19. Microporous Silico-Alumino Phosphate (SAPO) Compound For Uranium Sorption

    International Nuclear Information System (INIS)

    Siti-Amini

    1998-01-01

    The zeotype novel materials I.e. SAPO structures have been prepared to have particular property such as sorption or cations exchanger which can accommodate the uranyl ions. The SAPO's model was built from certain mole ratio of SiO 2 +AIO 2 +PO 2 using various template compounds of tetra(alkyl)s aminium hydroxide viz. Tetra-methyl, tetra-ethyl and tetra-propyl aminium. Those formed materials have been analyzed using x-ray diffraction spectrometer , then the data have been complied using the supporting software videozeo package Ver.3.1. The result have shown that crystalline structures of microporous SAPO materials formed are SAPO-20, SAPO-34, and SAPO-40. The exchanger capacities of some zeolites, SAPOs and ASP(1:3) have been studied and their selectivity to uranyl ions in acid solution (ph<3.5) has been determined by static isotherm exchanger process. The result have revealed various selectivity factors and occurrence of absorption mechanism in SAPO-n materials. This promises that uranium separation could be more effective using SAPO-n than that using other zeolites . The chloride ions have slightly decreased the ion-exchange capacity, while that of fluoride ions increased the ion-exchange capacity of ASP(1:3) for the uranyl ions

  20. Insertion compounds of transition-metal and uranium oxides

    International Nuclear Information System (INIS)

    Chippindale, A.M.; Dickens, P.G.; Powell, A.V.

    1991-01-01

    Several transition-metal and actinide oxides, in which the metal occurs in a high oxidation state, have open covalent structures and are capable of incorporating alkali and other electropositive metals under mild conditions to form insertion compounds A x MO n . These are solids which have several features in common: Over a range of compositions, A x MO n exists as one or more stable or metastable phases in which the structure of the parent oxide MO n is largely retained and the insertion element A is accommodated interstitially. Insertion is accompanied by a redox process A=A i . + e - M in which M is reduced and the electronic properties of the parent oxide change to those typical of a mixed-valence compound. The insertion process xA + MO n = A x MO n can be reversed, at least to some extent, by chemical or electrochemical reaction, with retention of structure (topotactic reaction). This review concentrates on methods of synthesis, characterisation, crystal structure and thermochemistry of these insertion compounds. It updates and extends previous work. (author)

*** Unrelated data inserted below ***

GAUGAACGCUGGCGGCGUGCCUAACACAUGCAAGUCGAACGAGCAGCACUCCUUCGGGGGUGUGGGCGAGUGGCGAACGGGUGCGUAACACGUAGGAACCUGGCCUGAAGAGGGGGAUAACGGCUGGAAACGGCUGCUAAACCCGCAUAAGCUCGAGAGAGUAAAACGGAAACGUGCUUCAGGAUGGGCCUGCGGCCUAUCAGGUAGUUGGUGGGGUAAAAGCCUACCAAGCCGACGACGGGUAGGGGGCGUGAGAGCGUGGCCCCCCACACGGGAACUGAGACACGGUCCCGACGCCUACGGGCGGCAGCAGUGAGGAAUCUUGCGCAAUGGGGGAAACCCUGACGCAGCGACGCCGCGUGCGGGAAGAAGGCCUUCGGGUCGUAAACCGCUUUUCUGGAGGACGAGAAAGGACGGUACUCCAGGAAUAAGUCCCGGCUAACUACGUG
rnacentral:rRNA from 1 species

1. Rays Emitted by Compounds of Uranium and of Thorium

    Indian Academy of Sciences (India)

    I examined a large number of metals, salts, oxides, and minerals [2]. The following table gives, for each substance, the magnitude of the current i in amperes (order of magnitude,. 10-11. ). The substances which I studied but omitted from the table are at least 100 times less active than uranium. Uranium containing some ...

  2. Determination of carbon in uranium and its compounds

    International Nuclear Information System (INIS)

    Perez-Garcia, M. M.

    1972-01-01

    This paper collects the analytical methods used our laboratories for the determination of carbon in uranium metal, uranate salts and the oxides, fluorides and carbides of uranium. The carbon is usually burned off in a induction or resistance oven under oxygen flow. The CO 2 is collected in barite solution. Where it is backtitrated with potassium biphthalate. (Author)

  3. Separation of chloride and fluoride from uranium compounds and their determination by ion selective electrodes

    International Nuclear Information System (INIS)

    Pires, M.A.F.; Abrao, A.

    1982-01-01

    Fluoride and chloride must be rigorously controlled in uranium compounds, especially in ceramic grade UO 2 . Their determination is very difficult without previous uranium separation, particularly when both are at a low concentration. A simple procedure is described for this separation using a strong cationic resin to retain the uranyl ion. Both anions are determined in the effluent solution. Uranium compounds of nuclear fuel cycle, especially ammonium diuranate, ammonium uranyl tricarbonate, sodium diuranate, uranium trioxide and dioxide and uranium peroxide are dissolved in nitric acid and the solutions are percolated through the resin column. Chloride and fluoride are determined in the effluent by selective electrodes, the detection limits being 0.02 μg F - /ml and 1.0 μg Cl - /ml. The dissolution of the sample, the acidity of the solution, the measurement conditions and the sensitivity of the method are discussed. (Author) [pt

  4. Uranium isotope separation in the solid state. Final report for period ending September 30, 1978

    International Nuclear Information System (INIS)

    Bernstein, E.R.

    1978-09-01